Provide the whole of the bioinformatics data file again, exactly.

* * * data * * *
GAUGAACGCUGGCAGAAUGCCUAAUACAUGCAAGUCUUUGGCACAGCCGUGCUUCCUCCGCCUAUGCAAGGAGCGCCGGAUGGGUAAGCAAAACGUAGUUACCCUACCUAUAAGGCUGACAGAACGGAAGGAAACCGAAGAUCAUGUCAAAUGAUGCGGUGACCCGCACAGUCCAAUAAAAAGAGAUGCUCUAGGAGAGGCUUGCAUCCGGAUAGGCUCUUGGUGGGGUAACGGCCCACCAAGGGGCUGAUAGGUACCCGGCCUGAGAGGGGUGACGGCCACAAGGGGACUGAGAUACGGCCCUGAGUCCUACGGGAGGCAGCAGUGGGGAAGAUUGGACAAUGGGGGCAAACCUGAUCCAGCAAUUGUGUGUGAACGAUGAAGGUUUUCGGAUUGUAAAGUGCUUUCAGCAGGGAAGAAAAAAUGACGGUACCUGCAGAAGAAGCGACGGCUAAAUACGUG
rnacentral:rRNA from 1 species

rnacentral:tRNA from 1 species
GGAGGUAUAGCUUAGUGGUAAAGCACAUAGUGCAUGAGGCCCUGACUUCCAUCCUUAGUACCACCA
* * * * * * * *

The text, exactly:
GAUGAACGCUGGCAGAAUGCCUAAUACAUGCAAGUCUUUGGCACAGCCGUGCUUCCUCCGCCUAUGCAAGGAGCGCCGGAUGGGUAAGCAAAACGUAGUUACCCUACCUAUAAGGCUGACAGAACGGAAGGAAACCGAAGAUCAUGUCAAAUGAUGCGGUGACCCGCACAGUCCAAUAAAAAGAGAUGCUCUAGGAGAGGCUUGCAUCCGGAUAGGCUCUUGGUGGGGUAACGGCCCACCAAGGGGCUGAUAGGUACCCGGCCUGAGAGGGGUGACGGCCACAAGGGGACUGAGAUACGGCCCUGAGUCCUACGGGAGGCAGCAGUGGGGAAGAUUGGACAAUGGGGGCAAACCUGAUCCAGCAAUUGUGUGUGAACGAUGAAGGUUUUCGGAUUGUAAAGUGCUUUCAGCAGGGAAGAAAAAAUGACGGUACCUGCAGAAGAAGCGACGGCUAAAUACGUG
rnacentral:rRNA from 1 species

rnacentral:tRNA from 1 species
GGAGGUAUAGCUUAGUGGUAAAGCACAUAGUGCAUGAGGCCCUGACUUCCAUCCUUAGUACCACCA